The key to what happens to the housing market over the next two or three years is what may or may not happen to rents, it appears to me.
If rents go up substantially then this would mitigate extra costs landlords may face in coming years. If landlords can't increase their rentals sufficiently to make it all worthwhile then they might sell. And this could start forcing house prices down if enough of them seek to exit the market.
There's been a lot said and a lot of huffing and puffing by various interested parties since the Government unleashed its housing policy changes last week.
I wasn't going to write on this subject again, for a little while anyway, but was moved to do so by some of the aforementioned huffing and puffing in the mainstream media over the weekend that, to put it bluntly, got up my nose.
And the annoyance is largely around rents and the assertion they will go up.
Okay, let's look at this.
Faced with the kind of increased costs landlords will face once the tax deductibility on interest payments is abolished, it's natural enough for said landlords to look at recouping some of their lost ground by increasing their rentals.
And they might well.
How high can they go?
But nobody can really tell at this stage by how much rents could go up and how widespread this might be.
The fact is the days of 'cost plus' being a viable pricing mechanism are long gone in New Zealand, as they are in the rest of the world.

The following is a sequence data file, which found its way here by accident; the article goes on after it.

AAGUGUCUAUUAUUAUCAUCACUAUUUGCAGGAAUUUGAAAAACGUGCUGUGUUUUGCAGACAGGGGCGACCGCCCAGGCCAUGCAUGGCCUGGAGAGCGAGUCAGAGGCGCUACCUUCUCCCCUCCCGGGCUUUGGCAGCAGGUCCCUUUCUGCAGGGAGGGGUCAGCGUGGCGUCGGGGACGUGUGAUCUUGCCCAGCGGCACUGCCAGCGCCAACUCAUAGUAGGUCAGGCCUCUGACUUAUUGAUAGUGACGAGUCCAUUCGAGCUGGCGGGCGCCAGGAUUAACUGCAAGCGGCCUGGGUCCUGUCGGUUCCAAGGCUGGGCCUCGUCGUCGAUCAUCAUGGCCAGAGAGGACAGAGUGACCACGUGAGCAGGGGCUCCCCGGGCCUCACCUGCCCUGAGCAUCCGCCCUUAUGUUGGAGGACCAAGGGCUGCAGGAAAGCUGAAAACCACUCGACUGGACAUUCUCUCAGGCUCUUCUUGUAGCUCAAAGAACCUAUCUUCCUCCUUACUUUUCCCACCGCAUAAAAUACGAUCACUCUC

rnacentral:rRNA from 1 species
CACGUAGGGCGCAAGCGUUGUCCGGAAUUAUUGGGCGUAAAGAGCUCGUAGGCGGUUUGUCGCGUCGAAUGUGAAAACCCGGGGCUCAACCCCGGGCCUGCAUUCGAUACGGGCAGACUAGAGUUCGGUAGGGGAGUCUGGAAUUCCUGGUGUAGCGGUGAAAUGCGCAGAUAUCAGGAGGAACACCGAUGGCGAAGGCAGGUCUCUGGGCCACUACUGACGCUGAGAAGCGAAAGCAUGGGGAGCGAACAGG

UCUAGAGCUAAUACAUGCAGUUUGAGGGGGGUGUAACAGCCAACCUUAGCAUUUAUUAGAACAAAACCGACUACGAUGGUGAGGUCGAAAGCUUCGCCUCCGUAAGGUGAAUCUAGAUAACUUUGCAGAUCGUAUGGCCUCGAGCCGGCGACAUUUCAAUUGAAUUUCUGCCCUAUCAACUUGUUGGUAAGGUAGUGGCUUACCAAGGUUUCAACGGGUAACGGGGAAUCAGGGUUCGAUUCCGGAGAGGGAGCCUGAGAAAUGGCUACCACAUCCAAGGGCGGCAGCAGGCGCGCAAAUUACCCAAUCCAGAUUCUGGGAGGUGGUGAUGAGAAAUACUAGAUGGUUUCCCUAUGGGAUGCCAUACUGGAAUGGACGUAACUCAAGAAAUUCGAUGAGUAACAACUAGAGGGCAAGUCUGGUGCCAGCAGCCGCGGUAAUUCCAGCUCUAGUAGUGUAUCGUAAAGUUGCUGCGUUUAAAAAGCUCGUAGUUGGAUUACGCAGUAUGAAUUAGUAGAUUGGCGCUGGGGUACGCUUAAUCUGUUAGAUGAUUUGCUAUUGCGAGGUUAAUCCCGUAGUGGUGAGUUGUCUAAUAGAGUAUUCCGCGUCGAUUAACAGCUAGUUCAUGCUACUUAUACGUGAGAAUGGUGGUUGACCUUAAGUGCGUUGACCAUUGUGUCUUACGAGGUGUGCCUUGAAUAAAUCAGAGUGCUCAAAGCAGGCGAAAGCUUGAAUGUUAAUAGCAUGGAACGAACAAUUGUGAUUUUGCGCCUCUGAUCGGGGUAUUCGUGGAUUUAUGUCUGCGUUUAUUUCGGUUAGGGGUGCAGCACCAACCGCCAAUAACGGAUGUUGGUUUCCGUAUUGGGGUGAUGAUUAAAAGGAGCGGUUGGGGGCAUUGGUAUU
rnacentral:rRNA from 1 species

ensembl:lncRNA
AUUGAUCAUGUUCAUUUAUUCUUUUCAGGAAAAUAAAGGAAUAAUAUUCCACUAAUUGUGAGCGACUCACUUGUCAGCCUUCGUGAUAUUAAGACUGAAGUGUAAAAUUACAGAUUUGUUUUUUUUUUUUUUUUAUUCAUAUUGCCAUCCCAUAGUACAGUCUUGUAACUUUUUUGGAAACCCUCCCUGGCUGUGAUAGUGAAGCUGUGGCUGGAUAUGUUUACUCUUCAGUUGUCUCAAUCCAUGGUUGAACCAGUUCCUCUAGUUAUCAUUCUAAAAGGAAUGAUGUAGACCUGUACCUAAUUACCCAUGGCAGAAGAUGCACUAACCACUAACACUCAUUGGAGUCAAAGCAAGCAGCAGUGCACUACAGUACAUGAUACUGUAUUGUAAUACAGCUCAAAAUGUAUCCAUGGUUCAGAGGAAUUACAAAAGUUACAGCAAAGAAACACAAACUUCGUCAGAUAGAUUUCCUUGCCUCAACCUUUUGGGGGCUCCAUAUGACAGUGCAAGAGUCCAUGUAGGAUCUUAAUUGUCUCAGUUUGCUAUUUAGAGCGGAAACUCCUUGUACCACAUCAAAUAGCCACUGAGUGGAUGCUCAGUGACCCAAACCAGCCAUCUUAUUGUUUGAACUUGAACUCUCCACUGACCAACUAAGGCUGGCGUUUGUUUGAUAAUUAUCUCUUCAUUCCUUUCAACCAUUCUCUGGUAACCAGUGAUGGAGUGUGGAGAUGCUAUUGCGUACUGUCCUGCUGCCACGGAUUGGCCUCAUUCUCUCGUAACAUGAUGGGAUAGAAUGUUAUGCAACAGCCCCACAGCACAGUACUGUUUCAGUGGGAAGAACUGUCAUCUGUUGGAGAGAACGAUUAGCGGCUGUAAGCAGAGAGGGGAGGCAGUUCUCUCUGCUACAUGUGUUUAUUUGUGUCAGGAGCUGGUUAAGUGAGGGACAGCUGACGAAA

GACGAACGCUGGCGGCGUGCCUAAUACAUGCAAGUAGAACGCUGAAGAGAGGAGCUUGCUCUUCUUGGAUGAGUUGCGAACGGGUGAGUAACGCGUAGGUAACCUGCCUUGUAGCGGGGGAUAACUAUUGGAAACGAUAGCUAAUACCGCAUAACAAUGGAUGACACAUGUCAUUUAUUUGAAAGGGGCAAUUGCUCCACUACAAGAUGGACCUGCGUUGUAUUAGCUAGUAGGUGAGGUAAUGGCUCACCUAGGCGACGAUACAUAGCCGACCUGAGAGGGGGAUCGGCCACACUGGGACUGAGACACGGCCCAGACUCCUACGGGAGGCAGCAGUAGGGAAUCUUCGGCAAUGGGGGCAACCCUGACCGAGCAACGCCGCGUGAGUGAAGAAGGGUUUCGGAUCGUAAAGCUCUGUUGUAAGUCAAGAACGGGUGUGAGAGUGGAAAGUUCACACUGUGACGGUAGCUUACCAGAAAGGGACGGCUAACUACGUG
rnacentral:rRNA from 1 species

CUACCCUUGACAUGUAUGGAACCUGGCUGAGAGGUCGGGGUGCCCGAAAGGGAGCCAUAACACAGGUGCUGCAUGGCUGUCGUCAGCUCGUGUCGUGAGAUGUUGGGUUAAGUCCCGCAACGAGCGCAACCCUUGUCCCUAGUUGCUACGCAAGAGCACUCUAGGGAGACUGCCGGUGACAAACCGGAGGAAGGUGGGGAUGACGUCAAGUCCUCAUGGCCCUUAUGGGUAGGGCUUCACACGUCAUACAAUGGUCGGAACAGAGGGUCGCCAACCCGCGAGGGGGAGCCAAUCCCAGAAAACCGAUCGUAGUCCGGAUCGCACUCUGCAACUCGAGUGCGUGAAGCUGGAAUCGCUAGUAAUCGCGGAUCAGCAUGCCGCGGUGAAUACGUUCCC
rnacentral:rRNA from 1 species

Rents will only go up substantially if 'the market' can take it.
Most renters would probably feel that accommodation in this country is already pretty 'fully priced'. So, the question is what 'market' resistance would landlords face from widespread rent hikes?
I suppose the big question there would be the ability of peeved renters finding alternative living arrangements. But you can't get blood out of a stone. And to mix up my metaphors, landlords would risk killing the golden goose if they squeezed too hard.
So, okay, that's one aspect.
The other significant aspect is the prospect (very real I might have thought) that at least some landlords might see this as all too much bother and look to cut and run - IE sell their property or properties.
The shrinking rental market myth
A common thread I've seen in comments since the Government's announcement is that if landlords have to sell, this will itself force rentals up in price because there will be fewer of them and, well, supply and demand and all that.
Actually, as a piece of logic that doesn't work out.
It's as if the landlords are suggesting that by them selling this actually removes their house from the existing housing stock. Well, it doesn't.
Consider for a moment.
If a landlord sells then the assumption is that the house will either be bought by another investor, or it will be taken on by an owner-occupier. I won't get into the ramifications of what if the property is bought by somebody who redevelops it, although that of course is eminently possible.
But if we assume for a moment that the property is bought by either an investor or a owner-occupier than one of two things will happen.
If it's bought by an investor then the investor will continue to rent the property out - so, there will be NO change to the rental market. Okay the investor might try to hike the rental but I divert you back to the earlier comments in this article about the market and resistance etc.